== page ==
Still Bullish After All These Years

Jeremy Siegel has never lacked enthusiasm for the market.

Even nine years into one of the strongest stock market recoveries in history, “this bull market is not over yet,” said Siegel, who has been a University of Pennsylvania finance professor since 1976.

That should not come as a surprise. His 1994 book, “Stocks for the Long Run,” helped cement the conventional wisdom that stocks are a better bet for long-term investors than other popular investments such as bonds and gold.

Siegel’s timing couldn’t have been better. A year after his book appeared, U.S. stocks went on an epic run. The S&P 500 Index more than tripled from 1995 to 1999.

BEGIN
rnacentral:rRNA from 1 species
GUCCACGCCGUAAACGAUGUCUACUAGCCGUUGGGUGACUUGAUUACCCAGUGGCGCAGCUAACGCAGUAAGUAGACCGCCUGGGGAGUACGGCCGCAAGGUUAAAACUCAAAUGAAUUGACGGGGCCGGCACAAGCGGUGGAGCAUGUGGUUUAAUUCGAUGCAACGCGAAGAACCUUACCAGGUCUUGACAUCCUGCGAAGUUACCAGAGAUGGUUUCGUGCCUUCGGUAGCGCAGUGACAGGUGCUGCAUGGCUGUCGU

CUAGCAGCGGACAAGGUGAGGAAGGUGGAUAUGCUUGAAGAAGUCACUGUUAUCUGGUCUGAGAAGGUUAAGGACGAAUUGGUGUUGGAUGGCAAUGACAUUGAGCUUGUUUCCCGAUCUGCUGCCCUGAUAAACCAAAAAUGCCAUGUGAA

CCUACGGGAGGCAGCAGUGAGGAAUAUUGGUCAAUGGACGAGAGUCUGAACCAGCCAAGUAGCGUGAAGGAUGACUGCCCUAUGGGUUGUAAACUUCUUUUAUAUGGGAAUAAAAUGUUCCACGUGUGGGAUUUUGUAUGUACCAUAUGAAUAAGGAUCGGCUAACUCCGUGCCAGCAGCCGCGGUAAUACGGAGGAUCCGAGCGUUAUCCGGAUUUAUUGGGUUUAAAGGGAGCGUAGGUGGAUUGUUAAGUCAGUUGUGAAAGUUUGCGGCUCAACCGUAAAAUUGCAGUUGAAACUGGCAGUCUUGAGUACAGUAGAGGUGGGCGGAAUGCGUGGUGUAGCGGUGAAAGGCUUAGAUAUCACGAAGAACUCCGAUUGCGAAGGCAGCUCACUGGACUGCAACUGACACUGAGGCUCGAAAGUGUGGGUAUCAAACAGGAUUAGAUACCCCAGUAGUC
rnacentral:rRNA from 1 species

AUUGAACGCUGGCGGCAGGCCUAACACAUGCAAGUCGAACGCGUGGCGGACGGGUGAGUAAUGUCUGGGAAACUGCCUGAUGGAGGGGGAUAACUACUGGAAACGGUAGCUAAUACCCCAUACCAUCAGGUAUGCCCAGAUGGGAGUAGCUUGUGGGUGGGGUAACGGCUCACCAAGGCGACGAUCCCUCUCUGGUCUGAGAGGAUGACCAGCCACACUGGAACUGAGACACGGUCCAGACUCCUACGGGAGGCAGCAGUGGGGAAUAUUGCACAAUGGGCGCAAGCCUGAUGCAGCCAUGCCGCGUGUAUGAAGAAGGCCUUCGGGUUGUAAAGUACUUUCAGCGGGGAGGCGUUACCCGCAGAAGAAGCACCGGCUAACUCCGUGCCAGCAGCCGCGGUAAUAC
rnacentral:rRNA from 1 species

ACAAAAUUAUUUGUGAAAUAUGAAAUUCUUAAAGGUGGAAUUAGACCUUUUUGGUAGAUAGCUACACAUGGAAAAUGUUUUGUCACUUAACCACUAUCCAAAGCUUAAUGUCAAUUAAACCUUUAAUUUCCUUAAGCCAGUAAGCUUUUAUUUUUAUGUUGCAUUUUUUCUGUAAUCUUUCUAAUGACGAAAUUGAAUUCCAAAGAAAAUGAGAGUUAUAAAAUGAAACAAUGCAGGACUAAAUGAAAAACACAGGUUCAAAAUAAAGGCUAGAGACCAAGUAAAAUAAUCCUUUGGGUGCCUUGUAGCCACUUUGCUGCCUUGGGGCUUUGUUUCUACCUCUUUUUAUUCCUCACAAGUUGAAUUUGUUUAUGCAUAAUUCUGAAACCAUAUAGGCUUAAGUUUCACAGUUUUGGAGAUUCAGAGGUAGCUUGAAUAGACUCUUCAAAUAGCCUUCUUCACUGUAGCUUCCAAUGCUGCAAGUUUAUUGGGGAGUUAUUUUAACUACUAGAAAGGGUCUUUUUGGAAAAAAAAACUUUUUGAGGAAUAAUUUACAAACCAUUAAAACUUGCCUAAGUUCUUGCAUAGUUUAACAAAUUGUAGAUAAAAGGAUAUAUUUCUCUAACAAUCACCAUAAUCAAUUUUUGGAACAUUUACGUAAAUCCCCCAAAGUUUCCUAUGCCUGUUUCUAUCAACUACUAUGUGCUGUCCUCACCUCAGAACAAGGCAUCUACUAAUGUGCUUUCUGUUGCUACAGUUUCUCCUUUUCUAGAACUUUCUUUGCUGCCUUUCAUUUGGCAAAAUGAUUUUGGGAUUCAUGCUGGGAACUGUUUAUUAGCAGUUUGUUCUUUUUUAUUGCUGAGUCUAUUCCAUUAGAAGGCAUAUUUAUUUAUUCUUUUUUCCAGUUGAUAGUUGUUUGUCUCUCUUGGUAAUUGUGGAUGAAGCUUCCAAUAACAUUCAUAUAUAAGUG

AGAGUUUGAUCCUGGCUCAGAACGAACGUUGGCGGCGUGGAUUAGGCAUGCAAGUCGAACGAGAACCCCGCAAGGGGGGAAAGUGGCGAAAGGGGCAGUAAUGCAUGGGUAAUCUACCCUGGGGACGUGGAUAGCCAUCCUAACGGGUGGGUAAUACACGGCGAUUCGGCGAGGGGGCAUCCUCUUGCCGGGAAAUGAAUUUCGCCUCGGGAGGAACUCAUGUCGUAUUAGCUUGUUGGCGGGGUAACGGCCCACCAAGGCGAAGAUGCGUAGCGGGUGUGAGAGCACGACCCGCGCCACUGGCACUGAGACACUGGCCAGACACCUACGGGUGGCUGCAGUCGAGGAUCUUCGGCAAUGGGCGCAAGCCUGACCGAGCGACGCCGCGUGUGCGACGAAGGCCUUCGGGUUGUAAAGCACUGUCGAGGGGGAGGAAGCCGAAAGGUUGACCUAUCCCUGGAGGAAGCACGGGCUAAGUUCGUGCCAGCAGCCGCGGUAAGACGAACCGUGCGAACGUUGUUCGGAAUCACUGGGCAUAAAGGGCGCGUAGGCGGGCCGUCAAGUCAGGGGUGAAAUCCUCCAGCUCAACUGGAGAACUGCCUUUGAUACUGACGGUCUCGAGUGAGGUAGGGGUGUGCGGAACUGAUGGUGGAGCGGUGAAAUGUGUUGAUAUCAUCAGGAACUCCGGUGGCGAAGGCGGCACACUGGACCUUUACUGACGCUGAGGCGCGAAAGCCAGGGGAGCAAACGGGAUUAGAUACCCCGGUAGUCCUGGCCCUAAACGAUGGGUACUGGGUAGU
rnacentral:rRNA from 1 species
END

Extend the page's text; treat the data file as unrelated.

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Show Me the Money

Remember: Stock rallies are ultimately dependent on corporate earnings growth. As Ben Graham, the father of security analysis, reputedly said, “In the short run the market is a voting machine, but in the long run it’s a weighing machine.”

What the market weighs is earnings.

So how to assess “abnormal items” (such as merger costs, natural disasters, one-time sales, or any other unusual event) that skew earnings?

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